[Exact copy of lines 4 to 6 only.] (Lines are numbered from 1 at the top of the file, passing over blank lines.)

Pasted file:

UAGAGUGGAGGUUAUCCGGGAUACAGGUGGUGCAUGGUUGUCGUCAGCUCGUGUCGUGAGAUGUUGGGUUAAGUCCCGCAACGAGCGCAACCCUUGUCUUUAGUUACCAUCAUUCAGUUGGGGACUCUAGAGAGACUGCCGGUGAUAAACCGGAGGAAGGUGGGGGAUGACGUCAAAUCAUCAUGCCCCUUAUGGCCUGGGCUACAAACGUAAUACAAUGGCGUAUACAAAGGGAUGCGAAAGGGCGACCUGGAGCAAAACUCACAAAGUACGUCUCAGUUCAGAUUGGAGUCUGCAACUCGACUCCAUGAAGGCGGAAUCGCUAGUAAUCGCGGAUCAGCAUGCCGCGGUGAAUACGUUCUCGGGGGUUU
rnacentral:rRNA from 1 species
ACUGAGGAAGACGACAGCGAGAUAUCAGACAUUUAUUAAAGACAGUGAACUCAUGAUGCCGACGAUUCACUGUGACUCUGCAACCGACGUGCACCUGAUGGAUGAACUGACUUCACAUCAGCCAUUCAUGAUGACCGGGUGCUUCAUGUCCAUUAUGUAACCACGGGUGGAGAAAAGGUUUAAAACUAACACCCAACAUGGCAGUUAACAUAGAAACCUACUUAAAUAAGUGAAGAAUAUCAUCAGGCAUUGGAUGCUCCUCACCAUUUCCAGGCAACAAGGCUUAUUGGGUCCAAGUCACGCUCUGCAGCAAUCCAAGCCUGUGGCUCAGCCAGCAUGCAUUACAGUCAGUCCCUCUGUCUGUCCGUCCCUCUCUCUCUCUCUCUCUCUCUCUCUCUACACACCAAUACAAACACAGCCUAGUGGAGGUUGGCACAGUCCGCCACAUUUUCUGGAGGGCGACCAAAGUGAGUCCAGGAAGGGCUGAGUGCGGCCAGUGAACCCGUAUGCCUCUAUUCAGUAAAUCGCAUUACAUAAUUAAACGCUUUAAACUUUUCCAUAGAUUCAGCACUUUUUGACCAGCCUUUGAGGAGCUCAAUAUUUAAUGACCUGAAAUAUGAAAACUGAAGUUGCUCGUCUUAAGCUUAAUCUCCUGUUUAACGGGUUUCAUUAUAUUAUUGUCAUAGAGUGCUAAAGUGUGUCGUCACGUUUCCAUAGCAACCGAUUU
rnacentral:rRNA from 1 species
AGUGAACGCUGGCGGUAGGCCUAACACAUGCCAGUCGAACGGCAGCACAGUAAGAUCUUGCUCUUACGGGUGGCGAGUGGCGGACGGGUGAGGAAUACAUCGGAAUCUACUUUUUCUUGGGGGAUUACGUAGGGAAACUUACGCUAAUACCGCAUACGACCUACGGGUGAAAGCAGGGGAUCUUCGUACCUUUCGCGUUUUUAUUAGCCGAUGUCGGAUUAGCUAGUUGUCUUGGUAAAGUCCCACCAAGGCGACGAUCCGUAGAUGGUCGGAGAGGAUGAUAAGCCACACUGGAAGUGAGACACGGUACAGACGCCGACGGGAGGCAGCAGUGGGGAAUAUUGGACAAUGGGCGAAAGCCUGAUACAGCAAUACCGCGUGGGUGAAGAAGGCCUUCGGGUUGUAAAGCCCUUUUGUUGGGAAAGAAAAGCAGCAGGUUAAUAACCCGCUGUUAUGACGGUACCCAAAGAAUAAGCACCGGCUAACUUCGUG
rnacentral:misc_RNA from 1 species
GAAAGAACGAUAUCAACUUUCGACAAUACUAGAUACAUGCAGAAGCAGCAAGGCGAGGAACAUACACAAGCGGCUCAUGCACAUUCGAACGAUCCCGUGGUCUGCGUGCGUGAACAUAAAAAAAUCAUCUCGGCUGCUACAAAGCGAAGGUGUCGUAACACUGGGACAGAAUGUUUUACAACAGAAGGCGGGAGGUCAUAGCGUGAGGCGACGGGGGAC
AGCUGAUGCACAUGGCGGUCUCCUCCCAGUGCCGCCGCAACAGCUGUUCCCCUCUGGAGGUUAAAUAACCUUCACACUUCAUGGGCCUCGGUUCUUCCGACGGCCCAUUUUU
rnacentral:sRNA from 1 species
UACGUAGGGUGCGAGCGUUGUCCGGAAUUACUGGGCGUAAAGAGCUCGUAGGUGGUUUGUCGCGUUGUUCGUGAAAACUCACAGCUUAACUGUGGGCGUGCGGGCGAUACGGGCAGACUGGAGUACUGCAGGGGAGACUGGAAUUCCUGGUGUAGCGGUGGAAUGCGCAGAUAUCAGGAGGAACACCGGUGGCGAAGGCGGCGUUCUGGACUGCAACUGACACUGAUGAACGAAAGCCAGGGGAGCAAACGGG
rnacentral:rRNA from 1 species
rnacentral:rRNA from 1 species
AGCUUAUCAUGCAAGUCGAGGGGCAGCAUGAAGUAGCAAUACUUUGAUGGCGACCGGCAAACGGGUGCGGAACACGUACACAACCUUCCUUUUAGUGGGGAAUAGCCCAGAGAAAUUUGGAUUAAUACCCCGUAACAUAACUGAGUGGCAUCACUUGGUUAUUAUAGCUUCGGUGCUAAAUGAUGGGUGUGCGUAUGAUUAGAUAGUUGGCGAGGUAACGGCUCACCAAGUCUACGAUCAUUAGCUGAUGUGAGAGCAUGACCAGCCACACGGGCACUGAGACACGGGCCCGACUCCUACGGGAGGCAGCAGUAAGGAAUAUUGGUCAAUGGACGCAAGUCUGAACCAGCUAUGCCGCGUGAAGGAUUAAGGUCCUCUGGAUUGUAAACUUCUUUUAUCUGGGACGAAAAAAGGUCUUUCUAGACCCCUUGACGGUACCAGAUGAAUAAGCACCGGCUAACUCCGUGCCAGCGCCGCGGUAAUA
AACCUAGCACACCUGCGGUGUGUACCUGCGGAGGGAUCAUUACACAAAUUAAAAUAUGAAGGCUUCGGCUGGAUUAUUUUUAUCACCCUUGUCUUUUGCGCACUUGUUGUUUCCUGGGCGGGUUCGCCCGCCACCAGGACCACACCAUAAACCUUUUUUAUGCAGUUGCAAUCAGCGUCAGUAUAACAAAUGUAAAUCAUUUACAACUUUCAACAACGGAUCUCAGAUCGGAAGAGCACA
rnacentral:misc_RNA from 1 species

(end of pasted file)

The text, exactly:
rnacentral:rRNA from 1 species
AGUGAACGCUGGCGGUAGGCCUAACACAUGCCAGUCGAACGGCAGCACAGUAAGAUCUUGCUCUUACGGGUGGCGAGUGGCGGACGGGUGAGGAAUACAUCGGAAUCUACUUUUUCUUGGGGGAUUACGUAGGGAAACUUACGCUAAUACCGCAUACGACCUACGGGUGAAAGCAGGGGAUCUUCGUACCUUUCGCGUUUUUAUUAGCCGAUGUCGGAUUAGCUAGUUGUCUUGGUAAAGUCCCACCAAGGCGACGAUCCGUAGAUGGUCGGAGAGGAUGAUAAGCCACACUGGAAGUGAGACACGGUACAGACGCCGACGGGAGGCAGCAGUGGGGAAUAUUGGACAAUGGGCGAAAGCCUGAUACAGCAAUACCGCGUGGGUGAAGAAGGCCUUCGGGUUGUAAAGCCCUUUUGUUGGGAAAGAAAAGCAGCAGGUUAAUAACCCGCUGUUAUGACGGUACCCAAAGAAUAAGCACCGGCUAACUUCGUG
rnacentral:misc_RNA from 1 species